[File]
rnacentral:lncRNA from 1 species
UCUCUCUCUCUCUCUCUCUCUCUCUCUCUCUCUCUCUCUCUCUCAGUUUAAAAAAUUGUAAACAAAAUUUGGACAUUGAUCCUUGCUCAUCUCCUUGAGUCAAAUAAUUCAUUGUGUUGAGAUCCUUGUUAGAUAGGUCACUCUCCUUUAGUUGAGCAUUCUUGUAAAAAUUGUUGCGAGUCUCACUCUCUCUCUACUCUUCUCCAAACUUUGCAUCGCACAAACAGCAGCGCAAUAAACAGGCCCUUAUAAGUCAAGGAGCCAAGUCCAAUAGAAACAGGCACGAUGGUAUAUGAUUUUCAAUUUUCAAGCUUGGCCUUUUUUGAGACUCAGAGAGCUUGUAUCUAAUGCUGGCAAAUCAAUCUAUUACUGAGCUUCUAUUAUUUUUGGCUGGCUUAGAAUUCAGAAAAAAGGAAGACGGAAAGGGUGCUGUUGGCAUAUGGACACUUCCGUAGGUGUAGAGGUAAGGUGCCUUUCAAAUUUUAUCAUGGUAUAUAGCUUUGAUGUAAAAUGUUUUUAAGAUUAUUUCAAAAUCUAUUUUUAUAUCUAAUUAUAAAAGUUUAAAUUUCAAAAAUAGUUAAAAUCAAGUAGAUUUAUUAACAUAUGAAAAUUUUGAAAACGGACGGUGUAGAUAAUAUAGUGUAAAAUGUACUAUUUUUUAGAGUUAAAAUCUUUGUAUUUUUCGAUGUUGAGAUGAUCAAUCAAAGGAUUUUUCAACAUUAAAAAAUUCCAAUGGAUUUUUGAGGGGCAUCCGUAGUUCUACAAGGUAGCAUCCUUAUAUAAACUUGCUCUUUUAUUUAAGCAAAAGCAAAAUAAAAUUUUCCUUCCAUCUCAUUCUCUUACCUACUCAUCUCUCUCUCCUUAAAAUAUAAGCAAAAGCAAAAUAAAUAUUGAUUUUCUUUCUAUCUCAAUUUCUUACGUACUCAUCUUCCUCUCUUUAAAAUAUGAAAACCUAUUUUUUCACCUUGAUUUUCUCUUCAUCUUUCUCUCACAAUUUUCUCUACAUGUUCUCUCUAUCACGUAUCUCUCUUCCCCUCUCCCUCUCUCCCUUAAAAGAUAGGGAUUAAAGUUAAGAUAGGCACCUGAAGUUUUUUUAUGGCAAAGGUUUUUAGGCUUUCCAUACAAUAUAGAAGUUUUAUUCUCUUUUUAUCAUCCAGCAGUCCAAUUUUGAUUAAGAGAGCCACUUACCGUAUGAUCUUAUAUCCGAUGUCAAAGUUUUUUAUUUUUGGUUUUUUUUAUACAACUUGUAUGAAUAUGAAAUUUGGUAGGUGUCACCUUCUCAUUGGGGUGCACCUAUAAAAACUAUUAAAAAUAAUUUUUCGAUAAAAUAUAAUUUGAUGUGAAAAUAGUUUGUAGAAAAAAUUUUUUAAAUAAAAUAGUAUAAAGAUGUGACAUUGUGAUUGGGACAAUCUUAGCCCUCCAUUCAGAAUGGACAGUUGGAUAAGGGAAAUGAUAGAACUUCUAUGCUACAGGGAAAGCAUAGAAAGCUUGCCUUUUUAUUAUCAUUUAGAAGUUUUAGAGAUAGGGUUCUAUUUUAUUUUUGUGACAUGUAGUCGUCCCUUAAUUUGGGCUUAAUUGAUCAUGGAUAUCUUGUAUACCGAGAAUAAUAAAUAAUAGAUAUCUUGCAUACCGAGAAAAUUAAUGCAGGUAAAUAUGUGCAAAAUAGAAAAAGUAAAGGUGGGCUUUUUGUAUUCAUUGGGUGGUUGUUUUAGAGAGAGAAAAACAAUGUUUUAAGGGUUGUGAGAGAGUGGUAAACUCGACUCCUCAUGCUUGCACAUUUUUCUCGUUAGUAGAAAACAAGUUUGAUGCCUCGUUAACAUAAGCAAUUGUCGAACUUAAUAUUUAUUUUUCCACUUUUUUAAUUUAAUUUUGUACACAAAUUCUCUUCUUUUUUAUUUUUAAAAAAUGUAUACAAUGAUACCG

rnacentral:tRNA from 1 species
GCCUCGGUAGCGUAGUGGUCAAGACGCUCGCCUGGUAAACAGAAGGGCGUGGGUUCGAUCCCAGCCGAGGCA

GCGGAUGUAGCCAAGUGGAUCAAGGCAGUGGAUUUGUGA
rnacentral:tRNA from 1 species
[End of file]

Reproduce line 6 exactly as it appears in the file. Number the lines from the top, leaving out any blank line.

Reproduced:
rnacentral:tRNA from 1 species